Document Type

Thesis

Degree

Master of Arts (MA)

Department

Global and Sociocultural Studies

First Advisor's Name

Kathleen Martin

First Advisor's Committee Title

Committee Chair

Second Advisor's Name

Hugh Gladwin

Third Advisor's Name

Stephen M. Fjellman

Date of Defense

11-3-1998

Abstract

A major concern in Cultural Anthropology has been the question of change and continuity. In a world immersed in a process of globalization, with concomitant socioeconomic and political effects, the quest for ethnic reaffirmation, and indigenous identity, has increasingly become reconsidered by scholars from without and from within cultures under geared change. Indigenous identity is thus the main theme of this thesis, specifically based on ancient Maya cosmovision, which is applicable to the present-day Maya. This inquiry, by means of text interpretation of the Maya sacred books, the Popol Vuh and the Books of Chilam Balam, coupled with descriptive commentary and ethnographic fieldwork carried out in Yucatan in the past three years, led to what is presented here as a theoretical model of Mayaness. This thesis discuss the essence of being Maya by interpreting current Maya reality through ancient Maya texts, and thus, reinventing that reality.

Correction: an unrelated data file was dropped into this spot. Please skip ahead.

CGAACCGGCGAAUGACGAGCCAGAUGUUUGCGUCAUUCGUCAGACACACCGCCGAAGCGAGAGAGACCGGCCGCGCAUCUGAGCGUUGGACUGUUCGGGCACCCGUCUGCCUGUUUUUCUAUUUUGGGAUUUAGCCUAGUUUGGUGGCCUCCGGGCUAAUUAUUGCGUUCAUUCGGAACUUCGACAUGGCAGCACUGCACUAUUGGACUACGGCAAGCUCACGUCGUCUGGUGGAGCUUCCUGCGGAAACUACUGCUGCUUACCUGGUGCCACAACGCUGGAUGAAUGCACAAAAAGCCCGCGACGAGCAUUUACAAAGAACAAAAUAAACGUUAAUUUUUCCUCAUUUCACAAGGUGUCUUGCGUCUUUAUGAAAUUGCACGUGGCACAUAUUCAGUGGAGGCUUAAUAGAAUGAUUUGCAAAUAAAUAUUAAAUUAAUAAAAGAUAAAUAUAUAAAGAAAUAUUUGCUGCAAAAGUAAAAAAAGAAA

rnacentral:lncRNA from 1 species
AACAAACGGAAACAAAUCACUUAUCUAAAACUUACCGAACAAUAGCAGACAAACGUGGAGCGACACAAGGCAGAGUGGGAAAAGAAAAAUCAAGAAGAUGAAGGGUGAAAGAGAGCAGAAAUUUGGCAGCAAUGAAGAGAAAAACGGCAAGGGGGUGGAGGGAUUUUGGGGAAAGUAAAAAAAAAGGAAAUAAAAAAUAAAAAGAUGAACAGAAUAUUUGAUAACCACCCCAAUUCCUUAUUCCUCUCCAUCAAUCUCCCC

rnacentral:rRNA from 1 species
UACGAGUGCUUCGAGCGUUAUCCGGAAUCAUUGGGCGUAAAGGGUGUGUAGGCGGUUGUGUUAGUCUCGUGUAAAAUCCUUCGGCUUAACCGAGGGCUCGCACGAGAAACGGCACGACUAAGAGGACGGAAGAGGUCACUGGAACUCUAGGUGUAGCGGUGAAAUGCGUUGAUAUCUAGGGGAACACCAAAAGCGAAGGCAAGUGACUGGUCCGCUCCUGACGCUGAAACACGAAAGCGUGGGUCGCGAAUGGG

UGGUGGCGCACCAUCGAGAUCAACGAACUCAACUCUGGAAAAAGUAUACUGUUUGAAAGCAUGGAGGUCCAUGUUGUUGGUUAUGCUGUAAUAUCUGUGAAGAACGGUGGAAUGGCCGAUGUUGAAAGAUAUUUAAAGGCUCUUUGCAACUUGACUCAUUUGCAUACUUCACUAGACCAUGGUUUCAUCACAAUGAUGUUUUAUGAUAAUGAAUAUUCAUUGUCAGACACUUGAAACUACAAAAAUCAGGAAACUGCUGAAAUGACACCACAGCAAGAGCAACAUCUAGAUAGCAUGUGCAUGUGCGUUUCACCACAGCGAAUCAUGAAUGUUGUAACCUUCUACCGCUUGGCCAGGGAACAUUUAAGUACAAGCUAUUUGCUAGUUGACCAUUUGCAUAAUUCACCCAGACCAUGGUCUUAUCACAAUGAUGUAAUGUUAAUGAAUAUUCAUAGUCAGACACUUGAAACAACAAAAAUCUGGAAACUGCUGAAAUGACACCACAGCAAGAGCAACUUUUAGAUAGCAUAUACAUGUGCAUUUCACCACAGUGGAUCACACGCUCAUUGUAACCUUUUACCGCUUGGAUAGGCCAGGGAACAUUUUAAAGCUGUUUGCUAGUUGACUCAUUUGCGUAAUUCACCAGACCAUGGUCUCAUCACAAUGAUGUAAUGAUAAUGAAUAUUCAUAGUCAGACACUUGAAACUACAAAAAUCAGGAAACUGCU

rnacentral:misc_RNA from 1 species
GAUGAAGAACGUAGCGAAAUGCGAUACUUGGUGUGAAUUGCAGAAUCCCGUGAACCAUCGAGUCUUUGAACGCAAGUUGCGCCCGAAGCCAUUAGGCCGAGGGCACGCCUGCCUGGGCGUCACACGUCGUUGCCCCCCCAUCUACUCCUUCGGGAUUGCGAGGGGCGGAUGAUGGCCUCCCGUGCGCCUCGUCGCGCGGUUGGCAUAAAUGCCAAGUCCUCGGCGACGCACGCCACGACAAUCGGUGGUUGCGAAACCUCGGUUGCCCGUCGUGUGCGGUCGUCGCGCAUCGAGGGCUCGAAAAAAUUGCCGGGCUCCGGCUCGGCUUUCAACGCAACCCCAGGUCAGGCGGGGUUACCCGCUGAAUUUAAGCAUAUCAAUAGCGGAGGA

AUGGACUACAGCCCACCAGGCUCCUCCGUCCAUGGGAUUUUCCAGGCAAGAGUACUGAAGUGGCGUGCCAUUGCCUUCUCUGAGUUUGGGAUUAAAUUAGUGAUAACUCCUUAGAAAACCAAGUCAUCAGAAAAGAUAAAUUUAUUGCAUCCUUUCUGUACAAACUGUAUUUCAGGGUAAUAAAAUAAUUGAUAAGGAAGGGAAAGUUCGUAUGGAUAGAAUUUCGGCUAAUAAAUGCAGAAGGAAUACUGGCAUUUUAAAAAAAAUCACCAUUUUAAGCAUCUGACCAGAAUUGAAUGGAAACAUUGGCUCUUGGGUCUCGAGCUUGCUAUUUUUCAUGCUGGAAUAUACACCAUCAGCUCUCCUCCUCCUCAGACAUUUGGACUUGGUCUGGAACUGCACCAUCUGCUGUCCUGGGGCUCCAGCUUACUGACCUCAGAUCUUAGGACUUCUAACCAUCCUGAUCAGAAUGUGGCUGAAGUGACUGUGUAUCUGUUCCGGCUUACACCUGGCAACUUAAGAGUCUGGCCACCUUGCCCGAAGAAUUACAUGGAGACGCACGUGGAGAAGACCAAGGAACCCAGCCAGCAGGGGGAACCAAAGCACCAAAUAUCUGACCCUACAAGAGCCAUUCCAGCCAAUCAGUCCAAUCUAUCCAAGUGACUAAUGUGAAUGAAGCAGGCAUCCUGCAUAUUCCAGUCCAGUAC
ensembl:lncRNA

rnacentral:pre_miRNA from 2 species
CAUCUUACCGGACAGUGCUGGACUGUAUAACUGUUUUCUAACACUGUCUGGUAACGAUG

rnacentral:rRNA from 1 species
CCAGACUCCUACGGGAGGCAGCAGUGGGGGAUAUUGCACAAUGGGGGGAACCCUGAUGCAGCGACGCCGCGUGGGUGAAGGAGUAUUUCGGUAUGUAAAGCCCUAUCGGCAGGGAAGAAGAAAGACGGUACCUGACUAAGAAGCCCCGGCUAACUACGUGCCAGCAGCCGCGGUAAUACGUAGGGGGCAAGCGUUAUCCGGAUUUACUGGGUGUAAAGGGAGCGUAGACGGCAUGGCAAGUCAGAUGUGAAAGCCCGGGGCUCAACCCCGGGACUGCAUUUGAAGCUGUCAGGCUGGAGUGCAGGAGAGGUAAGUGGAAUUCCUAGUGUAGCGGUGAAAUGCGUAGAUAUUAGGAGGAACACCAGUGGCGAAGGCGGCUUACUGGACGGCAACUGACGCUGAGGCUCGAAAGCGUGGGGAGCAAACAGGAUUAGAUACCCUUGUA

Identifier

FI14060111

Included in

Sociology Commons

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